It’s a good idea to have an asthma action plan. This plan should include what medication you should take, what are your possible triggers (based on past incidences), and what emergency steps you’ll take during an asthma attack. It’s important to know what the action items are for when you need them.
This plan should also be updated regularly with any new information or changes that might happen in your life. For example, if you start taking a different type of medicine or develop a food allergy.
It can also be helpful to have your loved one, close friend or colleague know about your plan so they can help out when needed. If possible, send them a copy of your asthma action plan.
How to prevent an asthma attack
There are ways that can help prevent or reduce the occurrences of asthma attacks through medication, diet, and exercise. Some common ways to prevent an asthma attack are:
- Continuous prescription medication to help reduce the severity of asthma attacks.
- Maintain a healthy diet that is suitable to your body and condition as it is important to your overall health and it also helps prevent or manage a flare-up in cases of allergies.
- Exercising regularly increases lung capacity, which improves breathing capability for those with respiratory conditions like asthma. It also reduces stress levels that may contribute to an attack.
Aside from lifestyle changes and medication, another effective way to prevent asthma attacks is by limiting your exposure as much as possible by avoiding things that trigger them like allergens or irritants.
You should also ensure you have access to inhalers if necessary so that it’s accessible in case of emergency. Keeping up with regular medical checkups can also help keep tabs on any potential issues before they become worse.
Know when to seek medical attention for asthma
Get medical assistance ASAP when asthma symptoms become severe – think shortness of breath, chest pain, dizziness, or loss of consciousness.
A visit to the doctor is advised if you also have a fever, difficulty breathing at rest or when talking normally. Furthermore, worsening cough with yellow sputum production should warrant medical attention.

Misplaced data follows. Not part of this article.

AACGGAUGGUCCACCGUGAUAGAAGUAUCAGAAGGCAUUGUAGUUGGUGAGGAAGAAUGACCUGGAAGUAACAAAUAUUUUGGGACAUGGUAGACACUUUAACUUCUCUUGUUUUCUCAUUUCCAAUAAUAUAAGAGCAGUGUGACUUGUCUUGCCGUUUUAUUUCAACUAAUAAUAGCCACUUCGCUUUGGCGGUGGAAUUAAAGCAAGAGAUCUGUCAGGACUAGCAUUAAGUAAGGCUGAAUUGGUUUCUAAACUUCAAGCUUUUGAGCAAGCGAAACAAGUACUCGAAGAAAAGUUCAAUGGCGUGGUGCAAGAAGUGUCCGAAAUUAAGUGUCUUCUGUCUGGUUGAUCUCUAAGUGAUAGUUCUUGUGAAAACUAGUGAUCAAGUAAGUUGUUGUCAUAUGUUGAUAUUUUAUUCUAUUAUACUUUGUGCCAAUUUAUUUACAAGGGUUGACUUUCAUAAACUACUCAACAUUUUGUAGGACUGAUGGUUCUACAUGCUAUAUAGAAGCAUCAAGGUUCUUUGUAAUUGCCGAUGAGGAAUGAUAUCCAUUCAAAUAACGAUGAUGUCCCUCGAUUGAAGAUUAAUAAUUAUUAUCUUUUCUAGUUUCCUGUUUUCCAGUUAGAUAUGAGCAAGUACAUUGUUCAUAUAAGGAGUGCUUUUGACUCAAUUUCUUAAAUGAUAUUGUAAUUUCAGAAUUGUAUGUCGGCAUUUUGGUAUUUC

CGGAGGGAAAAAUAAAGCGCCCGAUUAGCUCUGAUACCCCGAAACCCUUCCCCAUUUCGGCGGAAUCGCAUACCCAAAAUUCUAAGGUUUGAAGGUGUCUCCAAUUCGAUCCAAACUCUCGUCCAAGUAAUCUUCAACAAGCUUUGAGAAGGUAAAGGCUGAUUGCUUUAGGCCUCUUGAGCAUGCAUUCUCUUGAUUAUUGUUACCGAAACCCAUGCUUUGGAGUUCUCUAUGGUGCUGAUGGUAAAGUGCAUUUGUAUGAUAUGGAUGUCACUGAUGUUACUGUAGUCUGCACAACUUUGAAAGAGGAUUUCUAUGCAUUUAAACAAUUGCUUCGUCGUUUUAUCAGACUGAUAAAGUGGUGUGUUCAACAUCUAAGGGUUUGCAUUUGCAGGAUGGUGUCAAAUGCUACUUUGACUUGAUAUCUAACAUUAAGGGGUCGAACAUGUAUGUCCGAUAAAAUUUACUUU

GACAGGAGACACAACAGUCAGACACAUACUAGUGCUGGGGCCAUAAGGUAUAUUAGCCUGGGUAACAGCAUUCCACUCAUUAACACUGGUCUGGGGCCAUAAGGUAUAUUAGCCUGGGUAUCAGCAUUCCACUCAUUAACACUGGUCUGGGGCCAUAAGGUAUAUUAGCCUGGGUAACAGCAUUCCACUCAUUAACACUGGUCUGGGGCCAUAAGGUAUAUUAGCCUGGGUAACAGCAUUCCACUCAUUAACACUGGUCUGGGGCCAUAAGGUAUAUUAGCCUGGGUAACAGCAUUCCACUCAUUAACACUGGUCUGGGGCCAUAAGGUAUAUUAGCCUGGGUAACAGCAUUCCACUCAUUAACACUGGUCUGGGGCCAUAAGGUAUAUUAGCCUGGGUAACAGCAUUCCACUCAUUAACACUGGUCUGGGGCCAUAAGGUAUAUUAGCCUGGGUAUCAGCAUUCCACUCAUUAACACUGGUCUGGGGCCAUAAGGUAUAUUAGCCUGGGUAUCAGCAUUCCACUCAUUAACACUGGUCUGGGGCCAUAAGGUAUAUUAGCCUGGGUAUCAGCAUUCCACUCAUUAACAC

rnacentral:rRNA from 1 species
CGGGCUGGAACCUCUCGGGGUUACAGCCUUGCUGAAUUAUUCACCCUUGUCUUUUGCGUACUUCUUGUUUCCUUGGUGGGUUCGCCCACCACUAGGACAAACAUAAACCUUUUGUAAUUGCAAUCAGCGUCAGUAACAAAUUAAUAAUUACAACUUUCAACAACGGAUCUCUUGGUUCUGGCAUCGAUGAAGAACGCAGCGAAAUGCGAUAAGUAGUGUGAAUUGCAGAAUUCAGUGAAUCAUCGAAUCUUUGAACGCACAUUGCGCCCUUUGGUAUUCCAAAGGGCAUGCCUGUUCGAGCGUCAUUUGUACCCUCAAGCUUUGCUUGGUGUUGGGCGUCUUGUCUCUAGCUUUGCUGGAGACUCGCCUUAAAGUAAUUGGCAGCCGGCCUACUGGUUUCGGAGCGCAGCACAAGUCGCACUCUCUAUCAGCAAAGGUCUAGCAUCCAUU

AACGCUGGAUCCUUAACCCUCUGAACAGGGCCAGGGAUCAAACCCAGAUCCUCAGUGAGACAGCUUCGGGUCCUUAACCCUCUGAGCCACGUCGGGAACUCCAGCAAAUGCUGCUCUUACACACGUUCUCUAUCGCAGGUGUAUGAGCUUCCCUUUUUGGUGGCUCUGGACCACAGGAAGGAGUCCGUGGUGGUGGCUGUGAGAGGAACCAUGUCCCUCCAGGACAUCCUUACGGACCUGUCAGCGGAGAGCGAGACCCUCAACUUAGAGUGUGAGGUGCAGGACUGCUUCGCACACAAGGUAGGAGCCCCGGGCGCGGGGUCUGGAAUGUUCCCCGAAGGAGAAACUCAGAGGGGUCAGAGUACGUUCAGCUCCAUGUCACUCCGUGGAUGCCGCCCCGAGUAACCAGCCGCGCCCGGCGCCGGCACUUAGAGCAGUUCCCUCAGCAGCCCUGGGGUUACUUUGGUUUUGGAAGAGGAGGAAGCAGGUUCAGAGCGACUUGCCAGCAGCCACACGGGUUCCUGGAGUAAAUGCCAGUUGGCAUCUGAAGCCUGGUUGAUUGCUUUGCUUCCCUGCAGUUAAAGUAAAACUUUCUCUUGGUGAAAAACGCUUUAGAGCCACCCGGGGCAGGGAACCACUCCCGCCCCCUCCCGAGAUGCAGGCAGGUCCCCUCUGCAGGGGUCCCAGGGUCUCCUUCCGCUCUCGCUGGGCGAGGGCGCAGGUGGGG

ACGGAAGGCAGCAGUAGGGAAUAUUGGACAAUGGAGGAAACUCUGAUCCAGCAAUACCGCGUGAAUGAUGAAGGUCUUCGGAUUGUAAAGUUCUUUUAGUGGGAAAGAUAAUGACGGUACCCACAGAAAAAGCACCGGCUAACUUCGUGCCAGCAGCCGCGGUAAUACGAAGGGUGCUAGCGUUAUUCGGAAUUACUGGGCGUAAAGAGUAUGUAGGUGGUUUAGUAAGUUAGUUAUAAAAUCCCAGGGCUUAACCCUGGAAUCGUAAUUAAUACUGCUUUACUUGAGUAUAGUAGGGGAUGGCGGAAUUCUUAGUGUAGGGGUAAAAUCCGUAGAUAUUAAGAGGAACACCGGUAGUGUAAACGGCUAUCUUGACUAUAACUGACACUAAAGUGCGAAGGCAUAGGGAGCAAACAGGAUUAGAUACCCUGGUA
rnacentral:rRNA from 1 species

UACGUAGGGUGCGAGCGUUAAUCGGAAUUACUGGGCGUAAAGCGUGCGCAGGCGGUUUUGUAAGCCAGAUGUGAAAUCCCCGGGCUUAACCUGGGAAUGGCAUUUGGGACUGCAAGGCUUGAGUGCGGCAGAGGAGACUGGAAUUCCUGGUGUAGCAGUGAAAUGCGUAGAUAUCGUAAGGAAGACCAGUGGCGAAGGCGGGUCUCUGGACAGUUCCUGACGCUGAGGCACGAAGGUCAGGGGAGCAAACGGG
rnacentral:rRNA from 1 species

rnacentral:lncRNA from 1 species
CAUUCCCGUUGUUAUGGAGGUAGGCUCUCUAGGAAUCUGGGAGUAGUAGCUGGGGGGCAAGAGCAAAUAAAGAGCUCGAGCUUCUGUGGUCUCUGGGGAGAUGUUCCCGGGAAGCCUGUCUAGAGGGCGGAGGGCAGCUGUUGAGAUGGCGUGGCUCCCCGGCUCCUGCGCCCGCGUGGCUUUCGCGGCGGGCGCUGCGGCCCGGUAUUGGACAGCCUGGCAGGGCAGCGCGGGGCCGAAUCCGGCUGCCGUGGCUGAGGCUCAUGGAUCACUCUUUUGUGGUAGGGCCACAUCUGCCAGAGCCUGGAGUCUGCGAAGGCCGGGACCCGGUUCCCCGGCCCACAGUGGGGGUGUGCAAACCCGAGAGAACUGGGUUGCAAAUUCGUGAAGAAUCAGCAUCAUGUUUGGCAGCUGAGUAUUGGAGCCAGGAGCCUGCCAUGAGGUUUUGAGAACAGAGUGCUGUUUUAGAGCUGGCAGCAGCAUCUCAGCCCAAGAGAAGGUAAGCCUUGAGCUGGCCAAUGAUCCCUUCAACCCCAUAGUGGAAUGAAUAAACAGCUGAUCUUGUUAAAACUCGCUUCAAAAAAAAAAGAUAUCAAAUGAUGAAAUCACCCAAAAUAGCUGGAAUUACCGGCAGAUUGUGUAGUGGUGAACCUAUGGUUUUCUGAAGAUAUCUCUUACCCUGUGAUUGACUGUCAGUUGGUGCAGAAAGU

If your child has trouble breathing, Dr Lim Yeong Phang advises: "You can get a lung assessment by a pediatric lung specialist , in addition to CXR they can measure lung volumes as well to see if there is another objective evidence of lung or airway dysfunction."
Speak with a doctor about ways to treat asthma and prevent asthma attacks
A doctor can tell what type of attack it is and provide more specific instructions on how best to treat it (think inhalers vs prednisone). They may also prescribe new medications as needed which will likely work better than over-the-counter ones.
This can include using medication to open up the airways in your lungs (bronchodilators) or medication for severe symptoms.
Asthma attacks can be life-threatening if they are not treated quickly. They range from mild to severe, but the most common symptom is difficulty breathing.
If you or a loved one has asthma and have experienced an attack before, it’s important to learn how to prevent future attacks as well as treat them when they happen so that you don’t end up in respiratory failure.
The best way to do this is by getting prepared for an emergency with your own personal action plan now instead of waiting until it happens again unexpectedly.
If you have experienced an asthma attack or feel your respiratory system is worsening, schedule an appointment to meet with a specialist. Get in touch with Smarter Health today.